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Which clippings match 'Pervasive Computing' keyword pg.1 of 1
15 MAY 2011

The Horizon Digital Economy Research research centre

"Horizon will undertake a series of complementary experience projects to envision, create, deploy and study radical new services. Each experience project will involve a multidisciplinary team of technologists, human–scientists, domain experts and innovation facilitators working with users to explore technology, human and business issues in the real world.

The experience projects will include: Creative Visiting; The Connected Journey; Exposing the Footprint

The experience projects will bring into focus the fundamental principles of the underlying technologies, methods and theoretical understandings required to elaborate future services and develop sustainable systems for a digital economy.

Horizon will undertake research in the cross–cutting challenges underlying the digital economy–these will include: The Innovation Challenge; The Human Challenge; The Infrastructural Challenge."

(Horizon Research Institute)

Fig.1 Ben Bedwell VIPR2009 [http://www.flickr.com/photos/vipr2009/4405438963/sizes/l/in/photostream/]

[The Horizon Digital Economy Research is based at the University of Nottingham, UK]

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TAGS

applied research • business issues • connected journey • creative visiting • devicedigital economydiscoverydomain expertseconomic changeengineeringenvisioningexperience project • exposing the footprint • fundamental principles • future services • Horizon Digital Economy Research • human challenges • human issues • human-scientists • infrastructural challenge • innovation • innovation challenge • innovation facilitators • interdisciplinarymultidisciplinarypervasive computing • radical new services • real worldresearch centresolution • sustainable systems • technologiestechnologists • technology issues • ubiquitous computingUKUniversity of Nottingham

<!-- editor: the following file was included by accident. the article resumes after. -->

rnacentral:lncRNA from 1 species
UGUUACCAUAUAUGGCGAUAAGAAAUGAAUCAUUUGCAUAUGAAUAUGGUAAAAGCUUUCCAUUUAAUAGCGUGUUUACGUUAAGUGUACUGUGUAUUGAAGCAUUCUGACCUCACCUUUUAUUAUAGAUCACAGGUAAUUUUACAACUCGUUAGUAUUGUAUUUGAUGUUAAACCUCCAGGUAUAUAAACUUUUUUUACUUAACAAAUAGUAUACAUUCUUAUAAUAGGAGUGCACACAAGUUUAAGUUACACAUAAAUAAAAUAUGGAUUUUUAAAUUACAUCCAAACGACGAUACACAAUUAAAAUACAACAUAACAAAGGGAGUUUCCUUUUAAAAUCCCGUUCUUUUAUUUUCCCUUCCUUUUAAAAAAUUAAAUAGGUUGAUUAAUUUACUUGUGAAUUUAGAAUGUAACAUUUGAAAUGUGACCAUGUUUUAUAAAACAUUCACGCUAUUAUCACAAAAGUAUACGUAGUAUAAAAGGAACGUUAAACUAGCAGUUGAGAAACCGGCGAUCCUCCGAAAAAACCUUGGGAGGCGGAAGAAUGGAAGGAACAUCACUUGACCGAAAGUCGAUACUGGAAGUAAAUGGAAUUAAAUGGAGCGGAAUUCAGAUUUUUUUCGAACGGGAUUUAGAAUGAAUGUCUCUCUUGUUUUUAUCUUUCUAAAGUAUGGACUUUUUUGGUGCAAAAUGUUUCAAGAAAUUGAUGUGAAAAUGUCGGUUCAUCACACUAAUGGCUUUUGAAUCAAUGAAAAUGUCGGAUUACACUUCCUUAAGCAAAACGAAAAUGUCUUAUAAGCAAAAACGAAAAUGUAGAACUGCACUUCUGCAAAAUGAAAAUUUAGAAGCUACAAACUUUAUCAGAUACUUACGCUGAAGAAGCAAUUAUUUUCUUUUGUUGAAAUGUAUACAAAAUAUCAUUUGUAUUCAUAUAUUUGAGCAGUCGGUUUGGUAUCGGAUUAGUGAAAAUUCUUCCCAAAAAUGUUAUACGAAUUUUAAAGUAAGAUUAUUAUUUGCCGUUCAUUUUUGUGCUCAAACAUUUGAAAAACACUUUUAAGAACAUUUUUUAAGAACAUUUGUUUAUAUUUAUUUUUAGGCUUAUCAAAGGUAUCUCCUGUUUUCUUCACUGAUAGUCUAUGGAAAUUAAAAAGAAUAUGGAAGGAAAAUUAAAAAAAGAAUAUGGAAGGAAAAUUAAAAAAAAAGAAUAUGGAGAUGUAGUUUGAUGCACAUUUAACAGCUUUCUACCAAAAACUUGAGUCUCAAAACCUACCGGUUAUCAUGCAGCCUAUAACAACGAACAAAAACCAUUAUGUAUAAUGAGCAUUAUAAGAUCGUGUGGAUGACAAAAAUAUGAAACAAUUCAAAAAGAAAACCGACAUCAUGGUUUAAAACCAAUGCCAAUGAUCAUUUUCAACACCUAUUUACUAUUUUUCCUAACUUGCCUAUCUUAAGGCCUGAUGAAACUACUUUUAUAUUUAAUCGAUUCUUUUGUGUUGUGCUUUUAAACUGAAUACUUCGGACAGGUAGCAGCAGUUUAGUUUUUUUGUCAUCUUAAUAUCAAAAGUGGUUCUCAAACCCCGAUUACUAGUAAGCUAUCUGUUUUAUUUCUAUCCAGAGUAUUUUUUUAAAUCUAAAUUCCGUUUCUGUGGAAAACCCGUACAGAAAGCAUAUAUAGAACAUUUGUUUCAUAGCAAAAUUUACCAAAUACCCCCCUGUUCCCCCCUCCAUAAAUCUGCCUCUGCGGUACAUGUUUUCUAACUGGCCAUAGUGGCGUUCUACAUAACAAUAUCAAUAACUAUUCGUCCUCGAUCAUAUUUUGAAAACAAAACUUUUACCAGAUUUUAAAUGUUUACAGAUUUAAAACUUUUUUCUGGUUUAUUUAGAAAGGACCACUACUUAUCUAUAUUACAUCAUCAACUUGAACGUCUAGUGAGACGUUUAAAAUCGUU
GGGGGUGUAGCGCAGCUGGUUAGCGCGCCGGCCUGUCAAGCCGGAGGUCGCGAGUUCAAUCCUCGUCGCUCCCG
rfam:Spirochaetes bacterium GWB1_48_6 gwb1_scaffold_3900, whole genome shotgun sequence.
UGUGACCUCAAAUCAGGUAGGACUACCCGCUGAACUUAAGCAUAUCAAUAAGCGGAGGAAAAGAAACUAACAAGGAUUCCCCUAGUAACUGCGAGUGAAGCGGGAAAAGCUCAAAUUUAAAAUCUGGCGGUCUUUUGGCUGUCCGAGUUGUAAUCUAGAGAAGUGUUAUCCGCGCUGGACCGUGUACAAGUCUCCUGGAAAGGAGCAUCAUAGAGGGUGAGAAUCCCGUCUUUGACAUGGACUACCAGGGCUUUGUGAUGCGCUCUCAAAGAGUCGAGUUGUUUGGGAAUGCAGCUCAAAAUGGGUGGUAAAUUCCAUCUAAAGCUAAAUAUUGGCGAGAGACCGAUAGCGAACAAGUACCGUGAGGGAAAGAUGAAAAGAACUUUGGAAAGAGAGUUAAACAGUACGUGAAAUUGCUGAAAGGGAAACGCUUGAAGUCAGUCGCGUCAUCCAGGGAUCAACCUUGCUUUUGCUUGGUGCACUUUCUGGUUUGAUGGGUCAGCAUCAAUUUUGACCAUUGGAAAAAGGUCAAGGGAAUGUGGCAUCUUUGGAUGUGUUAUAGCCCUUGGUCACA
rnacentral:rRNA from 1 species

CONTRIBUTOR

Simon Perkins
23 JUNE 2005

Dematerialised space vs spatially embodied computing

"The term public sphere is necessary to a discussion of embedded networks because it implies not only physical space but also the metaphorical space of public discourse, social norms, interaction, and social sentiment. I want to make a strong distinction between what has been called cyberspace from what I will call the cyburg. Cyberspace is defined as having no physicality, no matter, and no Cartesian duality because there is only the mind, and communication is the only transaction. ("Ours is a world that is both everywhere and nowhere, but it is not where bodies live.") If cyberspace is dematerialised space, the cyburg is spatially embodied computing, or an environment saturated with computing capability. It is the imminent stage of digital media that places computation in all things around us, from our own skin and bodies (biotechnology and nanotech medication), to our clothing, to our cars, our streets, our homes, and our wildernesses. The cyburg is the opposite of Christine Boyer's cybercity and may indeed functionally sidestep all the dystopian visions of disembodied, disengaged, socially remote cyberlife."

(Dana Cuff, 2003)

Cuff, D. (2003). "Immanent Domain." Journal of Architectural Education Volume 57, Issue 1, pages 43-49, September 2003.

TAGS

2003ambient intelligencebiotechnologyCartesian dualismcybercity • cyberlife • cyberspace • cyburg • dematerialised space • disembodiment • disengaged • embedded network • embodied computing • human behaviour in cyberspace • Journal of Architectural Education • nanotechnologypervasive computingpublicremote
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